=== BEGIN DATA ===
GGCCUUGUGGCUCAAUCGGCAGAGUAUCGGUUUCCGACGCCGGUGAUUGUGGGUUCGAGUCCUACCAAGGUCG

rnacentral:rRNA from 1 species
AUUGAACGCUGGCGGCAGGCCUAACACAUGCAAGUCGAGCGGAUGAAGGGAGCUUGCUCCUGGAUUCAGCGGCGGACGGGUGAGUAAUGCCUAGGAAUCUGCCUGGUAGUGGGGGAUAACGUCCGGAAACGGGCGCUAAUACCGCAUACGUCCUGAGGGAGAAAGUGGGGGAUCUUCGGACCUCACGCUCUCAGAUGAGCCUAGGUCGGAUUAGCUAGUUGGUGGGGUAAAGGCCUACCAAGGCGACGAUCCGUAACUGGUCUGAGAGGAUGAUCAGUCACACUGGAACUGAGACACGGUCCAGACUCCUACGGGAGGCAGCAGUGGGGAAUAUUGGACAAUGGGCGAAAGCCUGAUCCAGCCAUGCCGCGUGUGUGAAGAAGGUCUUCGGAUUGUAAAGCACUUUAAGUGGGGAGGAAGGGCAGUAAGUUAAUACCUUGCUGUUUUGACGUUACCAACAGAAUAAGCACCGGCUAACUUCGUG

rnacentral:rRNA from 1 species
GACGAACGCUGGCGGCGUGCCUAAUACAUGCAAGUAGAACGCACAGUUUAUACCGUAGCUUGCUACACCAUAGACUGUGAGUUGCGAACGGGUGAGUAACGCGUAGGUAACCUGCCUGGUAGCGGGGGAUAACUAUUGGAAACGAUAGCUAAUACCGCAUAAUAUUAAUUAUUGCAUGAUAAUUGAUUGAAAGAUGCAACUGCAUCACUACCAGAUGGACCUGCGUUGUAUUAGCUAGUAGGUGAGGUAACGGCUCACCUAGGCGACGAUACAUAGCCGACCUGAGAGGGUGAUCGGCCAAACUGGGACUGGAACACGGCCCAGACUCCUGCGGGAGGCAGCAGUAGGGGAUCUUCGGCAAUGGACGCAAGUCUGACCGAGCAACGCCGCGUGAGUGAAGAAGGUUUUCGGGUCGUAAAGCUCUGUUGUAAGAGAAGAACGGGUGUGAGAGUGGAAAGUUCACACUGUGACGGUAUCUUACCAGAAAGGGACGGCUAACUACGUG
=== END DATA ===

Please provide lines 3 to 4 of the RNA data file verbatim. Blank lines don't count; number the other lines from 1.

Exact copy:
AUUGAACGCUGGCGGCAGGCCUAACACAUGCAAGUCGAGCGGAUGAAGGGAGCUUGCUCCUGGAUUCAGCGGCGGACGGGUGAGUAAUGCCUAGGAAUCUGCCUGGUAGUGGGGGAUAACGUCCGGAAACGGGCGCUAAUACCGCAUACGUCCUGAGGGAGAAAGUGGGGGAUCUUCGGACCUCACGCUCUCAGAUGAGCCUAGGUCGGAUUAGCUAGUUGGUGGGGUAAAGGCCUACCAAGGCGACGAUCCGUAACUGGUCUGAGAGGAUGAUCAGUCACACUGGAACUGAGACACGGUCCAGACUCCUACGGGAGGCAGCAGUGGGGAAUAUUGGACAAUGGGCGAAAGCCUGAUCCAGCCAUGCCGCGUGUGUGAAGAAGGUCUUCGGAUUGUAAAGCACUUUAAGUGGGGAGGAAGGGCAGUAAGUUAAUACCUUGCUGUUUUGACGUUACCAACAGAAUAAGCACCGGCUAACUUCGUG

rnacentral:rRNA from 1 species